Case construction
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Case Construction. A Brief Roadmap. Before you start writing your case… Affirmative Case Setup Negative Case Setup. Step 1: Read and Think!. Before you ever put pen to paper, browse the literature Google Lexis Search Go to the Library

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Case Construction

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Case Construction


A Brief Roadmap

  • Before you start writing your case…

  • Affirmative Case Setup

  • Negative Case Setup


Step 1: Read and Think!

  • Before you ever put pen to paper, browse the literature

    • Google

    • Lexis Search

    • Go to the Library

      The point is to get an idea of what others have to say on the topic.


Step 2: Brainstorm!

  • Make a t-chart, or a flow chart, etc.

  • Keep your thoughts organized

    • This means “aff ideas” get put together and “neg ideas” get put together.

    • Keeping your ideas separate will minimize headaches.


Affirmative Outline

  • There are many things affirmatives can do. The only thing they must do is prove the resolution is true.

  • We’ll go over strategies tomorrow, but for now we are going to simply look at what things should go in your case, and in what order those things should go.


Affirmative “Ingredients”

  • Your case must have:

    • Restatement of the topic

    • Definitions

    • Value/Standard Set-Up

    • Arguments (Contentions and/or subpoints)

  • Your case might have:

    • Observations and/or Burdens


Aff Step 1: Definitions

  • As the affirmative you get to set up the initial “framework” for the round.

    • What does the topic mean?

    • What arguments should the judge consider based on the words in the resolution?

    • What arguments should the judge ignore?


Aff Step 1: Definitions

  • The way primary way to set up this “framework” is by defining key PHRASES in the resolution.

  • Do NOT NOT NOT define each word in isolation. Instead define words in “functional groups”.


Aff Step 1: Definitions

  • A “functional group” is a block of words that all work together.

  • For example: If the topic is _____________________________


Aff Step 1: Definitions

  • You would NOT want to define each word individually. Individually the words are not that important. What’s more important is how the words interact with each other.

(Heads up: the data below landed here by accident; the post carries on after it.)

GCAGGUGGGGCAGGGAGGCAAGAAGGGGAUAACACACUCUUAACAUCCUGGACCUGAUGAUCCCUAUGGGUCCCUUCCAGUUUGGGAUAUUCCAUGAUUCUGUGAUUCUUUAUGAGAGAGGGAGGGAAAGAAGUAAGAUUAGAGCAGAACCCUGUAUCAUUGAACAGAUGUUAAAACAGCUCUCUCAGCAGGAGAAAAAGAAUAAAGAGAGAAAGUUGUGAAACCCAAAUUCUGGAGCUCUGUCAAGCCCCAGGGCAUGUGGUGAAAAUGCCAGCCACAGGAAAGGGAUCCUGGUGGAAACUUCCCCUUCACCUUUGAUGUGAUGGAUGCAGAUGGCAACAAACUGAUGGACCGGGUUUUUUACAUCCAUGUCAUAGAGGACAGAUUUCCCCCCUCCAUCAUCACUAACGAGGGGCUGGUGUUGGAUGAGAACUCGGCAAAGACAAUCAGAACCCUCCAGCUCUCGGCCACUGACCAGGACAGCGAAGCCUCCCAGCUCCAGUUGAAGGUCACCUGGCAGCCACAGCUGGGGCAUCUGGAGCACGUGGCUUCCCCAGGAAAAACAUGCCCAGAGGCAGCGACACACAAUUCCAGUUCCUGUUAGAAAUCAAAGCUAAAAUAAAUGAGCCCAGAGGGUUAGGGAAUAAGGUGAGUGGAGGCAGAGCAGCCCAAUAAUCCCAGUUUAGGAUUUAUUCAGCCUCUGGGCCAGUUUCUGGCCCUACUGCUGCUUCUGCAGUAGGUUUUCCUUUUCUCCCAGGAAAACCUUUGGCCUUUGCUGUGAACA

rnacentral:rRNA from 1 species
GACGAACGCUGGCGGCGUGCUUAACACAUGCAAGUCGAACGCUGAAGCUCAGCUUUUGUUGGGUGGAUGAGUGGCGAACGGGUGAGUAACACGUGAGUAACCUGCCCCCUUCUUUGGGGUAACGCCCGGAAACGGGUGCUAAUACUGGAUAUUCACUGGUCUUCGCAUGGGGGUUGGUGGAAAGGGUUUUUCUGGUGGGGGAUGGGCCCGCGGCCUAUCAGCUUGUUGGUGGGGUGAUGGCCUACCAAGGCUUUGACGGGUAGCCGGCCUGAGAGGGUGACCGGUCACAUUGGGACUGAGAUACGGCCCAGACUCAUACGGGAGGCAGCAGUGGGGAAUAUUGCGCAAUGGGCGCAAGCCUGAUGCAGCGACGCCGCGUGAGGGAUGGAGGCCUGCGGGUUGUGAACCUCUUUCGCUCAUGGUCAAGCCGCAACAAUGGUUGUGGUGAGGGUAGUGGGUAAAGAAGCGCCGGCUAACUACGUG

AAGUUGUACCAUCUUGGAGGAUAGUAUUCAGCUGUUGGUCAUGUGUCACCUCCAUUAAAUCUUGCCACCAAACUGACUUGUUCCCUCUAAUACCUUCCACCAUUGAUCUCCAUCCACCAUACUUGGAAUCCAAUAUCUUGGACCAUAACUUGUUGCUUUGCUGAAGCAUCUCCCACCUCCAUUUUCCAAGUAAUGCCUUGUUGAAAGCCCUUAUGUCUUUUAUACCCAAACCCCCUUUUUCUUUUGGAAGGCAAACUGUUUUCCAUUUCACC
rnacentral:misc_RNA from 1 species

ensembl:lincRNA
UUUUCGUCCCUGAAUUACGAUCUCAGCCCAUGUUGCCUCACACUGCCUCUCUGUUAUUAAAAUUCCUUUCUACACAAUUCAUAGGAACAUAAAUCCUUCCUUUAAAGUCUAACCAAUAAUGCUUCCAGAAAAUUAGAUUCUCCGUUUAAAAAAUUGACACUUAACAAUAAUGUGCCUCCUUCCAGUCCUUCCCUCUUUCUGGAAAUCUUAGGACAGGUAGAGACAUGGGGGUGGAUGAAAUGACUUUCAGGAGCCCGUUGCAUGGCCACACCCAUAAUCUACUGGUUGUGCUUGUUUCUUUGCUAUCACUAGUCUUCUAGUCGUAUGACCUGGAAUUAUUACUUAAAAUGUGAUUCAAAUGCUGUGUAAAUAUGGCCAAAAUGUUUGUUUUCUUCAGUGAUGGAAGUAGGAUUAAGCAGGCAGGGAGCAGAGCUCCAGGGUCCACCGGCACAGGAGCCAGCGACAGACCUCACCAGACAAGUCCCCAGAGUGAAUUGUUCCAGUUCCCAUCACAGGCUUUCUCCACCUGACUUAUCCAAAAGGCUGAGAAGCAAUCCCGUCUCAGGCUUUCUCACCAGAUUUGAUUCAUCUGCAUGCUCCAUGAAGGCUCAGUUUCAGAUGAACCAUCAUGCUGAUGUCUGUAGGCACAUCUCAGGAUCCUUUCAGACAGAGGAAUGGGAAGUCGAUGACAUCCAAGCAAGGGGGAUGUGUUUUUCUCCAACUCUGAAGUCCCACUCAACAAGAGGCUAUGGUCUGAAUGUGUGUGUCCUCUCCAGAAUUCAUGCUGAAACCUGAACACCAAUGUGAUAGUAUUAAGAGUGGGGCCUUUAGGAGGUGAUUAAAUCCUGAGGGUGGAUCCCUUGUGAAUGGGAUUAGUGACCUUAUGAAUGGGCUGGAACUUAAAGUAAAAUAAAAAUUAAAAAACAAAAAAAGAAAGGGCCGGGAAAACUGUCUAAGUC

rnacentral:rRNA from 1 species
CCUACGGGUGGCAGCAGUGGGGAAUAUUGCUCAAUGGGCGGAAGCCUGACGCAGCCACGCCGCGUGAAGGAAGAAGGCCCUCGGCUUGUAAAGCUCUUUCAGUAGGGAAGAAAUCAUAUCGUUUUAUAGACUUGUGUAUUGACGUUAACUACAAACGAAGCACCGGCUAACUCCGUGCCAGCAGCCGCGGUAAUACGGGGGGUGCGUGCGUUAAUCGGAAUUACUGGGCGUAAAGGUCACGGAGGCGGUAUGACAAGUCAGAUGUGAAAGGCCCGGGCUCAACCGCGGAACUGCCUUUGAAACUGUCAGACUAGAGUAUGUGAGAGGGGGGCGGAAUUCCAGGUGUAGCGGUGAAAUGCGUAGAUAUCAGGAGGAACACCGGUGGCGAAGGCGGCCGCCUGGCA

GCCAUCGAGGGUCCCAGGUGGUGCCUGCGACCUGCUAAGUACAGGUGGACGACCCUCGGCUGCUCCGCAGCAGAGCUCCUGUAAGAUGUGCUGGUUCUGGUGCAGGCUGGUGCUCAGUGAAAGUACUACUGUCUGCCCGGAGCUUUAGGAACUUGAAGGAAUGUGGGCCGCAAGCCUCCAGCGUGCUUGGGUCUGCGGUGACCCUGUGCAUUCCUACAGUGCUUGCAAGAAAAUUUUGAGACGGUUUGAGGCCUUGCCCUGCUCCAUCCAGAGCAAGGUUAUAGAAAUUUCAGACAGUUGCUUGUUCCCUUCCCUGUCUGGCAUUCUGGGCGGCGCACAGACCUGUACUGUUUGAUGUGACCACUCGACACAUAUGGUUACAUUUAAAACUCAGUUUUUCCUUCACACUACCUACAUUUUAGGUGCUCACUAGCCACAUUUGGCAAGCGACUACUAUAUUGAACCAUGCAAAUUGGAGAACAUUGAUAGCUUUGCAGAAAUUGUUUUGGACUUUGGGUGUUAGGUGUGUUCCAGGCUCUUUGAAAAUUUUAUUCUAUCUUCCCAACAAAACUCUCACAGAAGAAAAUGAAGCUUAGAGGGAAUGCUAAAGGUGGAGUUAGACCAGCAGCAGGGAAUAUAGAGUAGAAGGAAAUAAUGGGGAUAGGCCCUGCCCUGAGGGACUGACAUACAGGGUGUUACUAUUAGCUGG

• You would want to define these PHRASES:


Aff Step 1: Definitions

  • Once you’ve figured out what phrases you should define, in a few words jot down what you think the phrase means.

  • If appropriate, write down what the phrase does not mean.


Aff Step 2: Arguments

  • Generally your affirmative will have 2 “contentions”. These are your two general reasons you want to use to prove the resolution is true.

  • Look at your brainstorm chart. What are your strongest arguments? What arguments will you have the easiest time explaining in 15-20 seconds?


Aff Step 2: Arguments

  • When you’re doing your outline, you want to make sure that you include a basic idea of what all will go into your argument.

  • Claim - what do you want to prove

  • Warrant - why is it true

  • Impact - why does it matter if it’s true


Aff Step 3: Value/Criterion

  • This is the last thing you want to set up. Again, we’re minimizing headaches.

  • The point of the value criterion is to tell the judge HOW they will evaluate arguments.


Step 3: Value/Criterion

  • The VALUE is the overarching principle the resolution is addressing. Typically it’s either justice or morality.

  • 99% of the time the value will be explicitly stated in the resolution.

  • Don’t worry about defining your value yet. Just identify it.


Step 3: Value/Criterion

  • The CRITERION (aka STANDARD) establishes a “rule” for determining if the value is a word that can describe something.

  • Morality and justice are pretty vauge, and both “beg the question”. (What IS morality? What IS justice?)


Step 3: Value/Criterion

  • Even a definition of justice as generally accepted as ‘giving each their due’ begs the question, “What are people due?”

  • A Standard can be thought of as a specification or identification of something that people are - or are not - due. (Or a specific quality that indicates morality/immorality.)


Step 3: Value/Criterion

  • What is your standard? Look at your arguments. Specifically, look at your impacts.

  • If you think your arguments prove the resolution true for reason X, then X is your standard.


Step 4: Consistency Check

  • Once you’ve got your outline, make sure everything “jives”.


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